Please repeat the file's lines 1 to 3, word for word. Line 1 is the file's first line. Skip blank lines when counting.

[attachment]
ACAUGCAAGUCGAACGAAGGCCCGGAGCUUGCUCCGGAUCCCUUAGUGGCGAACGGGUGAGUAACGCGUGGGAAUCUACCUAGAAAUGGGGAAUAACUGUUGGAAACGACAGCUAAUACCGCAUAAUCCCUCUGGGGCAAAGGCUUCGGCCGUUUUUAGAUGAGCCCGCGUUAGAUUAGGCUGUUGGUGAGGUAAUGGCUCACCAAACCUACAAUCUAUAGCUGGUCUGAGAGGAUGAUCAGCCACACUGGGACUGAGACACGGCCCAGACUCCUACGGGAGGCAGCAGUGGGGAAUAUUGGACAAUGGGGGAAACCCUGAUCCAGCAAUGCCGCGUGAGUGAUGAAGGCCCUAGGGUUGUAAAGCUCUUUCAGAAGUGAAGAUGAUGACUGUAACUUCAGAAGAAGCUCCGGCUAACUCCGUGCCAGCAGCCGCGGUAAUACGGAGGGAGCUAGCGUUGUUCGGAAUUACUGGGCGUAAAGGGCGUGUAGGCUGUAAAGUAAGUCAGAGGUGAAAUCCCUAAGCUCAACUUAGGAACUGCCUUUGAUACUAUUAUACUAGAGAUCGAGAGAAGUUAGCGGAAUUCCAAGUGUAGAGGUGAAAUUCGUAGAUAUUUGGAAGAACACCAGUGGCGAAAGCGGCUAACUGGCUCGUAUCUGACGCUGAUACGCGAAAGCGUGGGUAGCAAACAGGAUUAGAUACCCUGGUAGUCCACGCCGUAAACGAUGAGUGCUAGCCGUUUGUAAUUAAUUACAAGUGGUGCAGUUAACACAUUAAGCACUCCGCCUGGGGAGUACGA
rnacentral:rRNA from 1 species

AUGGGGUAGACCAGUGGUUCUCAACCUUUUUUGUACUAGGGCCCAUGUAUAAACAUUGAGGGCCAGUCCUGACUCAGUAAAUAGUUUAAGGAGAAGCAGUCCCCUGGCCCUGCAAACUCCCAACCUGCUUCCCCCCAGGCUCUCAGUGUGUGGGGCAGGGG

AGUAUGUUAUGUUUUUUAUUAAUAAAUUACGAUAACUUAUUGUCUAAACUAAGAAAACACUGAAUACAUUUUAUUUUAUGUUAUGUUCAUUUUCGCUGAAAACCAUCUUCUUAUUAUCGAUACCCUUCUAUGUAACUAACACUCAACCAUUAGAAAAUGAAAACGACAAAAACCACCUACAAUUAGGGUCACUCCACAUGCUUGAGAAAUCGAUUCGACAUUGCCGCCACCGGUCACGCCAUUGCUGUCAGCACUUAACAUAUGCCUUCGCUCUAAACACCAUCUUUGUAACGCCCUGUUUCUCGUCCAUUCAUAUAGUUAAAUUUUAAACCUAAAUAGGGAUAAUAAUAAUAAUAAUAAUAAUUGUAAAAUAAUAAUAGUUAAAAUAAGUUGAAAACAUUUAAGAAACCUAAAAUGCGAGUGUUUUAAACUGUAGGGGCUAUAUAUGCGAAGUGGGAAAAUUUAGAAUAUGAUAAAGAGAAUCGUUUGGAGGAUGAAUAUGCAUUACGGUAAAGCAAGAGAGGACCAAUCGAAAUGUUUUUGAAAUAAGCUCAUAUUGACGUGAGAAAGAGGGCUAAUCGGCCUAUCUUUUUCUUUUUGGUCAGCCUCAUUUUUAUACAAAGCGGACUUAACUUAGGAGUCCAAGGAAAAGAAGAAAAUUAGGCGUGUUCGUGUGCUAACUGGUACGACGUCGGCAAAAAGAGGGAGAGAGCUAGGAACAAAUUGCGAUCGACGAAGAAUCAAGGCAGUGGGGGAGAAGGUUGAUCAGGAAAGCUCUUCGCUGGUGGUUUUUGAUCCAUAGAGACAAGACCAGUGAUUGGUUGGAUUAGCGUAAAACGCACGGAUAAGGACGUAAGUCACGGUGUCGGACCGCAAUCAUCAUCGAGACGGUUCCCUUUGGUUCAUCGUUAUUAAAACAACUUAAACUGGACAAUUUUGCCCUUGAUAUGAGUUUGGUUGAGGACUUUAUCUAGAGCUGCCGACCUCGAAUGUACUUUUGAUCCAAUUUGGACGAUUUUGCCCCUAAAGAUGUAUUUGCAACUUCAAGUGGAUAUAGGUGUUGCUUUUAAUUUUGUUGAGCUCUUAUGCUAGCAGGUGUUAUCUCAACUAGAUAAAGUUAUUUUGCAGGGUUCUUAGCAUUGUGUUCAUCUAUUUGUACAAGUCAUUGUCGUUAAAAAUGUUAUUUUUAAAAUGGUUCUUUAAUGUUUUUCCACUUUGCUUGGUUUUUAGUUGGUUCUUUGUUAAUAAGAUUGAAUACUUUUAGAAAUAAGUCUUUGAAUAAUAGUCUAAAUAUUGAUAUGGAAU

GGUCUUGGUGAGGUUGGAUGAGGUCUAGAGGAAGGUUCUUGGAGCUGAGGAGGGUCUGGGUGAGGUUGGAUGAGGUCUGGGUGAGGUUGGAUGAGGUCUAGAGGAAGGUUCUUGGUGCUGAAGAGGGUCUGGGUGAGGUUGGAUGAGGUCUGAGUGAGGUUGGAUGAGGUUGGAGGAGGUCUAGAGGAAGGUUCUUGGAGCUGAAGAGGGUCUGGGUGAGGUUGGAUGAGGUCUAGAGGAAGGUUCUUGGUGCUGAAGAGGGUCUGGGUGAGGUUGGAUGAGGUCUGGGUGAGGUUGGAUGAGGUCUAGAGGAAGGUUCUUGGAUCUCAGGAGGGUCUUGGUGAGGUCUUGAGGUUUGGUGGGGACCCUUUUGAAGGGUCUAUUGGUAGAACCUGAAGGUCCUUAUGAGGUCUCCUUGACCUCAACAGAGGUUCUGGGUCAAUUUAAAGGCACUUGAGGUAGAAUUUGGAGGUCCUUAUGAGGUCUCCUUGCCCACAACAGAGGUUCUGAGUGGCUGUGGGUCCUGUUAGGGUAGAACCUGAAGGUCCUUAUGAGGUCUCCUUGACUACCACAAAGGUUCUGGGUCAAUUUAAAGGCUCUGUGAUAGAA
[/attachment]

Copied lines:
ACAUGCAAGUCGAACGAAGGCCCGGAGCUUGCUCCGGAUCCCUUAGUGGCGAACGGGUGAGUAACGCGUGGGAAUCUACCUAGAAAUGGGGAAUAACUGUUGGAAACGACAGCUAAUACCGCAUAAUCCCUCUGGGGCAAAGGCUUCGGCCGUUUUUAGAUGAGCCCGCGUUAGAUUAGGCUGUUGGUGAGGUAAUGGCUCACCAAACCUACAAUCUAUAGCUGGUCUGAGAGGAUGAUCAGCCACACUGGGACUGAGACACGGCCCAGACUCCUACGGGAGGCAGCAGUGGGGAAUAUUGGACAAUGGGGGAAACCCUGAUCCAGCAAUGCCGCGUGAGUGAUGAAGGCCCUAGGGUUGUAAAGCUCUUUCAGAAGUGAAGAUGAUGACUGUAACUUCAGAAGAAGCUCCGGCUAACUCCGUGCCAGCAGCCGCGGUAAUACGGAGGGAGCUAGCGUUGUUCGGAAUUACUGGGCGUAAAGGGCGUGUAGGCUGUAAAGUAAGUCAGAGGUGAAAUCCCUAAGCUCAACUUAGGAACUGCCUUUGAUACUAUUAUACUAGAGAUCGAGAGAAGUUAGCGGAAUUCCAAGUGUAGAGGUGAAAUUCGUAGAUAUUUGGAAGAACACCAGUGGCGAAAGCGGCUAACUGGCUCGUAUCUGACGCUGAUACGCGAAAGCGUGGGUAGCAAACAGGAUUAGAUACCCUGGUAGUCCACGCCGUAAACGAUGAGUGCUAGCCGUUUGUAAUUAAUUACAAGUGGUGCAGUUAACACAUUAAGCACUCCGCCUGGGGAGUACGA
rnacentral:rRNA from 1 species

AUGGGGUAGACCAGUGGUUCUCAACCUUUUUUGUACUAGGGCCCAUGUAUAAACAUUGAGGGCCAGUCCUGACUCAGUAAAUAGUUUAAGGAGAAGCAGUCCCCUGGCCCUGCAAACUCCCAACCUGCUUCCCCCCAGGCUCUCAGUGUGUGGGGCAGGGG